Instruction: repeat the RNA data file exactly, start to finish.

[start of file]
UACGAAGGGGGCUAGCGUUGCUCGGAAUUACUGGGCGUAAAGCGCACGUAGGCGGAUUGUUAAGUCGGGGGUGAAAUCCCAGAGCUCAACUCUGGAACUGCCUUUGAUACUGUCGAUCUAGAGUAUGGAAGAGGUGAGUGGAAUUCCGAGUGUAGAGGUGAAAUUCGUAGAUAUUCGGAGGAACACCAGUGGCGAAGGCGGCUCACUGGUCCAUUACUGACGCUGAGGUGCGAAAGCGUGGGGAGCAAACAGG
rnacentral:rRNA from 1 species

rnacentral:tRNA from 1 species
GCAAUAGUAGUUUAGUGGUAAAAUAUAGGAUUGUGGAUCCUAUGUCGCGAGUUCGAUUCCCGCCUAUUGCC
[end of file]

UACGAAGGGGGCUAGCGUUGCUCGGAAUUACUGGGCGUAAAGCGCACGUAGGCGGAUUGUUAAGUCGGGGGUGAAAUCCCAGAGCUCAACUCUGGAACUGCCUUUGAUACUGUCGAUCUAGAGUAUGGAAGAGGUGAGUGGAAUUCCGAGUGUAGAGGUGAAAUUCGUAGAUAUUCGGAGGAACACCAGUGGCGAAGGCGGCUCACUGGUCCAUUACUGACGCUGAGGUGCGAAAGCGUGGGGAGCAAACAGG
rnacentral:rRNA from 1 species

rnacentral:tRNA from 1 species
GCAAUAGUAGUUUAGUGGUAAAAUAUAGGAUUGUGGAUCCUAUGUCGCGAGUUCGAUUCCCGCCUAUUGCC